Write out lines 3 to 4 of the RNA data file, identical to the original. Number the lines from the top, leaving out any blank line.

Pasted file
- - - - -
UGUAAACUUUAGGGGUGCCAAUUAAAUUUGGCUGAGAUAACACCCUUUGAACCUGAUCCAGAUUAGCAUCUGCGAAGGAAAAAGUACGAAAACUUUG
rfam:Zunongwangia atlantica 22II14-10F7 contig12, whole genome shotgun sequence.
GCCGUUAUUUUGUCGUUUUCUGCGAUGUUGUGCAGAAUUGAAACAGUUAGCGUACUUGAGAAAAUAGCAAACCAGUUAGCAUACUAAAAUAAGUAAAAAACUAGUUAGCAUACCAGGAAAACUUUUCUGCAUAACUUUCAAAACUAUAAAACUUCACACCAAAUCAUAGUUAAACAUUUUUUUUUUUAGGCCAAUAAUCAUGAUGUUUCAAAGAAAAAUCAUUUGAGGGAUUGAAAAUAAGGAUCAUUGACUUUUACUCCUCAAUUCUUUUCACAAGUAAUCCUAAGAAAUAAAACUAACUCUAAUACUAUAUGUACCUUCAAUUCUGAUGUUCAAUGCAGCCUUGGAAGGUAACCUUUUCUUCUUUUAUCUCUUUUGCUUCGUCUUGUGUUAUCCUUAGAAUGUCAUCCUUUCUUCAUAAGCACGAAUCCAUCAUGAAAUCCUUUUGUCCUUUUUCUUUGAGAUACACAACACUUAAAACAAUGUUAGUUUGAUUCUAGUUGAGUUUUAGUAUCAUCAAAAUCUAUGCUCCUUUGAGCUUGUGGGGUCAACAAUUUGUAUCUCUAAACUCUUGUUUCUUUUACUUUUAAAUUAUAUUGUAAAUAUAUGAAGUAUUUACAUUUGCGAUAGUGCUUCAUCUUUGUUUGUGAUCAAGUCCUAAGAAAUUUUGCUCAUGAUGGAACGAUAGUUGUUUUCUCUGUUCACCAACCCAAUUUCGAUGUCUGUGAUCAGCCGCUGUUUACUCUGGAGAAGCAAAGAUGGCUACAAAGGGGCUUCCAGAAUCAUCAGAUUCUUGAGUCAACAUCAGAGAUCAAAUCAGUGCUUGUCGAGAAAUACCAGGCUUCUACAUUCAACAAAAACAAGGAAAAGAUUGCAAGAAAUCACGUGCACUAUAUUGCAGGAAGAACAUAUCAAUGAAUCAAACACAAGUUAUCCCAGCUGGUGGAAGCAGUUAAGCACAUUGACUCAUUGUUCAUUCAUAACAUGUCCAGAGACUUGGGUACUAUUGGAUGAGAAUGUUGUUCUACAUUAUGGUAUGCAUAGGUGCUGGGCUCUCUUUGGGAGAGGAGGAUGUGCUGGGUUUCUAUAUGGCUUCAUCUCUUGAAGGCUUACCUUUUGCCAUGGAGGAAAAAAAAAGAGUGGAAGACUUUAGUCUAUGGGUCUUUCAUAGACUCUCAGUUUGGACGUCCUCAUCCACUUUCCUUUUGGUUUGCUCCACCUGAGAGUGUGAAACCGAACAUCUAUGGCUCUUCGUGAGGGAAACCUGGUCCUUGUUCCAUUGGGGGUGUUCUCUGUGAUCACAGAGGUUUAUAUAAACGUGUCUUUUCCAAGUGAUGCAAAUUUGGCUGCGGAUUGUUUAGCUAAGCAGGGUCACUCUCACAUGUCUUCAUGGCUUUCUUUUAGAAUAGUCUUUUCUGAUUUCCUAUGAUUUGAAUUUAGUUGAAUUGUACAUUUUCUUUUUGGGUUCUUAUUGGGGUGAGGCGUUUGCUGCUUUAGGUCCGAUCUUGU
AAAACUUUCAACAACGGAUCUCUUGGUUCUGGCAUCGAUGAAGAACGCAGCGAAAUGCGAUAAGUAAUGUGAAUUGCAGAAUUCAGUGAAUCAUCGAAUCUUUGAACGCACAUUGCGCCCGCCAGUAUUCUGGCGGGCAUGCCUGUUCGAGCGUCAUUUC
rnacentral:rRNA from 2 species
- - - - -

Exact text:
GCCGUUAUUUUGUCGUUUUCUGCGAUGUUGUGCAGAAUUGAAACAGUUAGCGUACUUGAGAAAAUAGCAAACCAGUUAGCAUACUAAAAUAAGUAAAAAACUAGUUAGCAUACCAGGAAAACUUUUCUGCAUAACUUUCAAAACUAUAAAACUUCACACCAAAUCAUAGUUAAACAUUUUUUUUUUUAGGCCAAUAAUCAUGAUGUUUCAAAGAAAAAUCAUUUGAGGGAUUGAAAAUAAGGAUCAUUGACUUUUACUCCUCAAUUCUUUUCACAAGUAAUCCUAAGAAAUAAAACUAACUCUAAUACUAUAUGUACCUUCAAUUCUGAUGUUCAAUGCAGCCUUGGAAGGUAACCUUUUCUUCUUUUAUCUCUUUUGCUUCGUCUUGUGUUAUCCUUAGAAUGUCAUCCUUUCUUCAUAAGCACGAAUCCAUCAUGAAAUCCUUUUGUCCUUUUUCUUUGAGAUACACAACACUUAAAACAAUGUUAGUUUGAUUCUAGUUGAGUUUUAGUAUCAUCAAAAUCUAUGCUCCUUUGAGCUUGUGGGGUCAACAAUUUGUAUCUCUAAACUCUUGUUUCUUUUACUUUUAAAUUAUAUUGUAAAUAUAUGAAGUAUUUACAUUUGCGAUAGUGCUUCAUCUUUGUUUGUGAUCAAGUCCUAAGAAAUUUUGCUCAUGAUGGAACGAUAGUUGUUUUCUCUGUUCACCAACCCAAUUUCGAUGUCUGUGAUCAGCCGCUGUUUACUCUGGAGAAGCAAAGAUGGCUACAAAGGGGCUUCCAGAAUCAUCAGAUUCUUGAGUCAACAUCAGAGAUCAAAUCAGUGCUUGUCGAGAAAUACCAGGCUUCUACAUUCAACAAAAACAAGGAAAAGAUUGCAAGAAAUCACGUGCACUAUAUUGCAGGAAGAACAUAUCAAUGAAUCAAACACAAGUUAUCCCAGCUGGUGGAAGCAGUUAAGCACAUUGACUCAUUGUUCAUUCAUAACAUGUCCAGAGACUUGGGUACUAUUGGAUGAGAAUGUUGUUCUACAUUAUGGUAUGCAUAGGUGCUGGGCUCUCUUUGGGAGAGGAGGAUGUGCUGGGUUUCUAUAUGGCUUCAUCUCUUGAAGGCUUACCUUUUGCCAUGGAGGAAAAAAAAAGAGUGGAAGACUUUAGUCUAUGGGUCUUUCAUAGACUCUCAGUUUGGACGUCCUCAUCCACUUUCCUUUUGGUUUGCUCCACCUGAGAGUGUGAAACCGAACAUCUAUGGCUCUUCGUGAGGGAAACCUGGUCCUUGUUCCAUUGGGGGUGUUCUCUGUGAUCACAGAGGUUUAUAUAAACGUGUCUUUUCCAAGUGAUGCAAAUUUGGCUGCGGAUUGUUUAGCUAAGCAGGGUCACUCUCACAUGUCUUCAUGGCUUUCUUUUAGAAUAGUCUUUUCUGAUUUCCUAUGAUUUGAAUUUAGUUGAAUUGUACAUUUUCUUUUUGGGUUCUUAUUGGGGUGAGGCGUUUGCUGCUUUAGGUCCGAUCUUGU
AAAACUUUCAACAACGGAUCUCUUGGUUCUGGCAUCGAUGAAGAACGCAGCGAAAUGCGAUAAGUAAUGUGAAUUGCAGAAUUCAGUGAAUCAUCGAAUCUUUGAACGCACAUUGCGCCCGCCAGUAUUCUGGCGGGCAUGCCUGUUCGAGCGUCAUUUC